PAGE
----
Making a weekly water change of 10-20% of the water will help keep the water quality high and remove dissolved organics and algae-promoting phosphate and nitrate.
With patience and proper care you can have a beautiful collection of female bettas-all in one aquarium!
Just how beautiful does it look to have many female betta fish living together? Check out the video below. It looks great!
Last Updated: October 18, 2021
Betta Condos and Tanks for Multiple Bettas
The number of bettas that can be kept together in the same aquarium depends on the gender of the betta. Only one male can be kept in an aquarium, as males will fight with one another (hence their common name, Siamese fighting fish). In the wild, one would retreat. But that isn't possible in an aquarium; fighting continues, to the death of one or both.
Females are only a bit more tolerant of each other. With adequate room, many can be housed together. However, if the tank becomes too crowded, females may start showing territorial behaviors as well. Do not mix males and females in the same tank, other than temporarily for breeding purposes.
Betta lovers will sometimes use a "betta condo" to allow them to keep multiple males in a single aquarium. The condo is simply a small container with dividers; walls are vented to allow water circulation through it. It hangs inside the aquarium, effectively keeping any fish inside separated from the rest of the tank.
Controversy surrounds the use of betta condos. Single condos kept in separate locations within the tank are acceptable. However, whenever betas can still see each other through clear walls, any close visual proximity will induce males and even females to flare in a fight stance. Bettas have excellent vision and can even be challenged by (and stressed by) bettas in another tank across the room!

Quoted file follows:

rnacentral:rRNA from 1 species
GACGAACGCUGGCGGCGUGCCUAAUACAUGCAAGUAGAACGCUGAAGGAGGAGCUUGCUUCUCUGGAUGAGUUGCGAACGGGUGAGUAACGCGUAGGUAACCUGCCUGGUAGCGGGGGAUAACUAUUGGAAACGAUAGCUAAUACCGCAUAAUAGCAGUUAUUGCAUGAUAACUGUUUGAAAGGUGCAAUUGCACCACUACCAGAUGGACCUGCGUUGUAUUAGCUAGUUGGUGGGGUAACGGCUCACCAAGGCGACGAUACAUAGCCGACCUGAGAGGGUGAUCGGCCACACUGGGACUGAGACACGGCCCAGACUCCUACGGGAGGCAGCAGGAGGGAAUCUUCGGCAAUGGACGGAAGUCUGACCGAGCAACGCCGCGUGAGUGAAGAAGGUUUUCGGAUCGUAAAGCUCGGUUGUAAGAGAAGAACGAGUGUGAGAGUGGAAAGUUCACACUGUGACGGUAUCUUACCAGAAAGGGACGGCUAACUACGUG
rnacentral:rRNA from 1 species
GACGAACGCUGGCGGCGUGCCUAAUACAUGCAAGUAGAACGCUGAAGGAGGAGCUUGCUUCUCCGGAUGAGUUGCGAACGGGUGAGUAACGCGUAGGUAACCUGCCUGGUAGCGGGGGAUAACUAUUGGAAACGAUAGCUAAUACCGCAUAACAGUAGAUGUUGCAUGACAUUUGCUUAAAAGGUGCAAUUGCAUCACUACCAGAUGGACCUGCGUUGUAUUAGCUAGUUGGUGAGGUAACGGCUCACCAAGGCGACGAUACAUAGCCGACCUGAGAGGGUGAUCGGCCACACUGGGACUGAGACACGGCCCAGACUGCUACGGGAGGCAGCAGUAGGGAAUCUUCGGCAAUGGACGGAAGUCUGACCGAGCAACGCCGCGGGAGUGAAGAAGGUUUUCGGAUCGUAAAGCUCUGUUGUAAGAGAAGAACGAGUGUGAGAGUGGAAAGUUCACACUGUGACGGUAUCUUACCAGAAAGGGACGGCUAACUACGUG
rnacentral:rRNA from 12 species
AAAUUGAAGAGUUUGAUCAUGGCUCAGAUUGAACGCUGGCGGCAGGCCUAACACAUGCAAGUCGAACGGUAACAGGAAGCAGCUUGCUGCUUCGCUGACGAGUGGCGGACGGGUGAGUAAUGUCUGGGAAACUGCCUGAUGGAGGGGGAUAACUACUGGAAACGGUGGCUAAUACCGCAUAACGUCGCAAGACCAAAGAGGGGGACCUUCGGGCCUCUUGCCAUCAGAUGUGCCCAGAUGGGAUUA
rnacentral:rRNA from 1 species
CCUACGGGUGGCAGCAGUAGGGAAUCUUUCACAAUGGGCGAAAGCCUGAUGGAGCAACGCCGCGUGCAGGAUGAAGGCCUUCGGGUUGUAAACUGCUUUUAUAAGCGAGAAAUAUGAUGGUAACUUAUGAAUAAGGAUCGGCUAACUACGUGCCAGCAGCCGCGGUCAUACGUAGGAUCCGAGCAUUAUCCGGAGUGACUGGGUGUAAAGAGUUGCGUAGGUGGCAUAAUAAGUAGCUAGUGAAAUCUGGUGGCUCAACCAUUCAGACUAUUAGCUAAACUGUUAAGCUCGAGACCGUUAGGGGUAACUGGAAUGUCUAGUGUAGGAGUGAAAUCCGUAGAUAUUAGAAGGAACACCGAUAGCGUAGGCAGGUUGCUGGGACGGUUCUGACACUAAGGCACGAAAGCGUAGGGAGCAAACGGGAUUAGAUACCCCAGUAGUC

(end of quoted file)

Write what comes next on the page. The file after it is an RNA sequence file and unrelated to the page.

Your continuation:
Most betta owners feel that the stress caused by this unnatural proximity can negatively affect the health of the fish, thereby shortening its life. In the wild, fish never suffer such prolonged exposure to rivals. If condos are used, fish should be separated from all others by more than 12 or 15 inches, and they should have plants to hind behind.
Tank Size and Territory
The species is native to the Mekong basin in Southeast Asia, living in rice paddies and canals. In the wild, more than one male would live in a rice paddy. However, rice paddies are quite large, often encompassing miles of space. This allows each male to have its own territory. In small tanks, there simply isn't enough room for the establishment of territories, so it is not advisable to keep more than one male.
Tank sizes smaller than 20 gallons are usually a problem. Sizes larger than 20 gallons provide enough territorial space to allow multiple males. However, few people keep bettas in these larger tanks. Traditionally bettas are kept in very small tanks, hence the common statement of "one male per tank." A more accurate way of putting it would be one male per 20-gallon territory.
One additional factor is that domesticated bettas are the product of selective breeding for heightened aggression. In Thailand, they were collected specifically to fight in competitions. Domesticated bettas are more likely to keep fighting, whereas the wild breed would spar briefly and then retreat. This enhanced aggressive tendency makes it even more necessary to give each fish a large territory of its own.
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You might know you cannot keep two male betta fish in the same tank. Why not?
Well, bettas are also known as Siamese fighting fish, and for good reason. Male bettas are extremely territorial and will fight any other male that enters their space, sometimes to the death. Not only that, but any brightly colored, long-finned fish in the community are also often targets of a male betta’s aggression.
But what about female betta fish? Can two of them live together? In this article, we answer that question and more.
If you’re new to the world of bettas, welcome to an ever-growing group of enthusiasts!
Newbies to betta keeping will need to know how to tell the difference between male and female bettas. After all, you don’t want to accidentally put two males together in the same tank! That’s why you’ve got to know the difference between the boys and the girls, and that’s not as easy as you might think, especially if you buy a baby betta.